Laboratory skills course that provides guided experience designing and implementing modern molecular techniques to answer research questions. Allows an in-depth exploration of principles at the core of molecular biology such as: quantification of gene expression (e.g. qRT-PCR, Northern blot, western blot, flow cytometry), genetic engineering (e.g. cloning, site-directed mutagenesis, genome manipulation), analyzing genetic material (e.g. genotyping, genetic screening, sequencing), and isolating molecules of interest (e.g. immuno-purification, RNA isolation, PCR). May be taught concurrently with BMS 529. Cannot receive credit for both BMS 529 and BMS 629.
BMS 631 Cell Biology of CancerPrerequisite: BMS 622.
Discussion of the initiation, cellular and genetic events which lead to cancer as well as its prevention, treatment, and personal consequences. An extensive paper and presentation are required. May be taught concurrently with BMS 530. Cannot receive credit for both BMS 530 and BMS 631.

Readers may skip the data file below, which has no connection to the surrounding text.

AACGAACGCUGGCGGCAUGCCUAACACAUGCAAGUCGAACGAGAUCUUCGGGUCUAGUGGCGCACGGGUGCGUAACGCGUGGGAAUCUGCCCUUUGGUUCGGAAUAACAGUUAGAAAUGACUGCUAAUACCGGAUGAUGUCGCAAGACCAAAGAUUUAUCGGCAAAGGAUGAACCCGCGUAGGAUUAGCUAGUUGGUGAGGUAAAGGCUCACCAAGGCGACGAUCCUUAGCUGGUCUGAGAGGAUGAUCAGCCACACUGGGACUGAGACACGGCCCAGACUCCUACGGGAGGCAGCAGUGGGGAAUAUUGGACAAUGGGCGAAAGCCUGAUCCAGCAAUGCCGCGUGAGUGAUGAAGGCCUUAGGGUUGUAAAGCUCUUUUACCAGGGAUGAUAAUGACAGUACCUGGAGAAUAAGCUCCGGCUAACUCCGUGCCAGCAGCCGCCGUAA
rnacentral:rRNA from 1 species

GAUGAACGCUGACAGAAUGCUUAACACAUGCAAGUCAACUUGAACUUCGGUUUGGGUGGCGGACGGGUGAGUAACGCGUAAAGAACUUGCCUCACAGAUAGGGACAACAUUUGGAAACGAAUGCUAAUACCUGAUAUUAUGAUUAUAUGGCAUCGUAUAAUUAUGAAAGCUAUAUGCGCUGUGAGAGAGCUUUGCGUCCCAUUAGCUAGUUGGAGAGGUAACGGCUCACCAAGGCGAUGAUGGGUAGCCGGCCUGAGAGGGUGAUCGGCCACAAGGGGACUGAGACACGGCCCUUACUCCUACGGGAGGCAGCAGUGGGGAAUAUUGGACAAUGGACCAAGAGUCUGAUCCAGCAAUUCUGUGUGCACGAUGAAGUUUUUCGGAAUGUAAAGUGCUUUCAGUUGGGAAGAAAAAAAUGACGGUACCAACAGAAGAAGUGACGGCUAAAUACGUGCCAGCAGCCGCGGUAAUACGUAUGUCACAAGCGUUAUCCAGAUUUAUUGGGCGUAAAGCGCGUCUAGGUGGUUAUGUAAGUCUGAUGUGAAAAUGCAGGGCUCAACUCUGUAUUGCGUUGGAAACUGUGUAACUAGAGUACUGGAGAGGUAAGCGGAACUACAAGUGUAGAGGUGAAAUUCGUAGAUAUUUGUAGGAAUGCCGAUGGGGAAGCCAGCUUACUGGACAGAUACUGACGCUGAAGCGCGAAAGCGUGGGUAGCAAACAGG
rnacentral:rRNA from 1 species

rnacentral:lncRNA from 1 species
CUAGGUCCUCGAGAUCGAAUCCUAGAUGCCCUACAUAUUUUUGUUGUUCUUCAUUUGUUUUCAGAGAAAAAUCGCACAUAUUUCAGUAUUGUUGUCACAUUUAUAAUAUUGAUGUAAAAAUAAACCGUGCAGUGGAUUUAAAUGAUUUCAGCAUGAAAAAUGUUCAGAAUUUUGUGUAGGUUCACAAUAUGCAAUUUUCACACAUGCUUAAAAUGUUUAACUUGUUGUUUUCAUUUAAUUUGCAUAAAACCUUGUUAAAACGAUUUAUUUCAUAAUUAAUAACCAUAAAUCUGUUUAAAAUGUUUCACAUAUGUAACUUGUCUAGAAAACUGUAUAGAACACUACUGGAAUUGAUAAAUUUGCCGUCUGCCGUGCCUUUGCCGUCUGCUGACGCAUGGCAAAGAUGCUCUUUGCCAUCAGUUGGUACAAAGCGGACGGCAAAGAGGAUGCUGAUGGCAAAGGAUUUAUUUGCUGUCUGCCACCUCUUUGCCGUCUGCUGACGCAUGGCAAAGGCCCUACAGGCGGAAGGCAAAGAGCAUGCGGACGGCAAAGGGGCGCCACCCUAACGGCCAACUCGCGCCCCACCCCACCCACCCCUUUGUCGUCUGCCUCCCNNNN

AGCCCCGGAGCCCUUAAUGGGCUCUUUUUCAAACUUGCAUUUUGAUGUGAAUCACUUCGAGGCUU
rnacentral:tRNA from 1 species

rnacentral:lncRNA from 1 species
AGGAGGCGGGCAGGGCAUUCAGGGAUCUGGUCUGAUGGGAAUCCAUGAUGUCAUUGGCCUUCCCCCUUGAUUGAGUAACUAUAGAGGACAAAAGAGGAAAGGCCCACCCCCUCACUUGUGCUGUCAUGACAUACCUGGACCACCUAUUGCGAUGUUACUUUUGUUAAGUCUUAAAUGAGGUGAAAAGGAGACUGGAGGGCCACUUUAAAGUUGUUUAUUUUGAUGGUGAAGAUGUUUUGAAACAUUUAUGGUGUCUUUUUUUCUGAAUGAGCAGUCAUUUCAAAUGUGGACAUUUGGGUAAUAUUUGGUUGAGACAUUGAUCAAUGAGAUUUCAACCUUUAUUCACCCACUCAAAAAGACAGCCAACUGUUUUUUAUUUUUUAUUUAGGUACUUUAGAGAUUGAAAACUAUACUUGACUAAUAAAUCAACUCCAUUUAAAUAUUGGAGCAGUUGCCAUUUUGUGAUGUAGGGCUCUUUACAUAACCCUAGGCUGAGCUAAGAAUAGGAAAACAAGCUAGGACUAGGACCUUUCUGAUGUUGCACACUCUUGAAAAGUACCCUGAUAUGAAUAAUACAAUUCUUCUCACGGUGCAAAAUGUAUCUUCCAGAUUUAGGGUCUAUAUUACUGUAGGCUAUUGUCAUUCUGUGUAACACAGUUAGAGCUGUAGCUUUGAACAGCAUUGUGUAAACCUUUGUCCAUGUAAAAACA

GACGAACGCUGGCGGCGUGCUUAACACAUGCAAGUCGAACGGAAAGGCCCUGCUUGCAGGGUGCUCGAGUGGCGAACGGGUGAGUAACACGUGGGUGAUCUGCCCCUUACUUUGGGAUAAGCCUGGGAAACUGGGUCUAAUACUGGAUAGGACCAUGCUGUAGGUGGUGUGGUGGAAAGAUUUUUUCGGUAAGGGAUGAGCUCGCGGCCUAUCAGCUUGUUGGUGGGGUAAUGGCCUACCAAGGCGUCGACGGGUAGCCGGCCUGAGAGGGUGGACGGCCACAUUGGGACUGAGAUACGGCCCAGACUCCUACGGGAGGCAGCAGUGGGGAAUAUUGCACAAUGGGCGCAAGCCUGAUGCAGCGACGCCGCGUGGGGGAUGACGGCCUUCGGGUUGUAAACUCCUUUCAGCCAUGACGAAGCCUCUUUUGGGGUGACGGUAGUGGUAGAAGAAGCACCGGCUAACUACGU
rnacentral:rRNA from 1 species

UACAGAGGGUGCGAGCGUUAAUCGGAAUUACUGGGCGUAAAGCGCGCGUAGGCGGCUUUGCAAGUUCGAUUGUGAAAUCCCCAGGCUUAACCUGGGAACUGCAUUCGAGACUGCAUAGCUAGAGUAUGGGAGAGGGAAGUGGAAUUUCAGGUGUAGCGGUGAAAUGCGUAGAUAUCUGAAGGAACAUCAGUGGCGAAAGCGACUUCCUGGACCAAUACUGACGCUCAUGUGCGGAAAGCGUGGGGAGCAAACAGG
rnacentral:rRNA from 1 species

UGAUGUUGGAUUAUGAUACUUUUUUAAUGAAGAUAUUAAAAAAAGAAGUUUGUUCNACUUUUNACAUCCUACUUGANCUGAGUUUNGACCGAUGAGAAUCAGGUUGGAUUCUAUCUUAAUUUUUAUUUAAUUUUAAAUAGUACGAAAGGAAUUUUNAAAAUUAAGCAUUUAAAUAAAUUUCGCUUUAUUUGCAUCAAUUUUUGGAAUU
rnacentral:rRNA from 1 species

BMS 635 Signal TransductionPrerequisite: BMS 622.
This course will examine the molecular mechanisms of various ligand/receptor interactions. The dynamics involved in ligand/receptor binding will be studied and examples of receptor-mediated signal transduction will be introduced. Signaling pathways within the cell will be discussed. Primary literature and reference materials will be utilized to illustrate specific examples under discourse. May be taught concurrently with BMS 535. Cannot receive credit for both BMS 535 and BMS 635.
BMS 640 BiotechnologyPrerequisite: permission of instructor.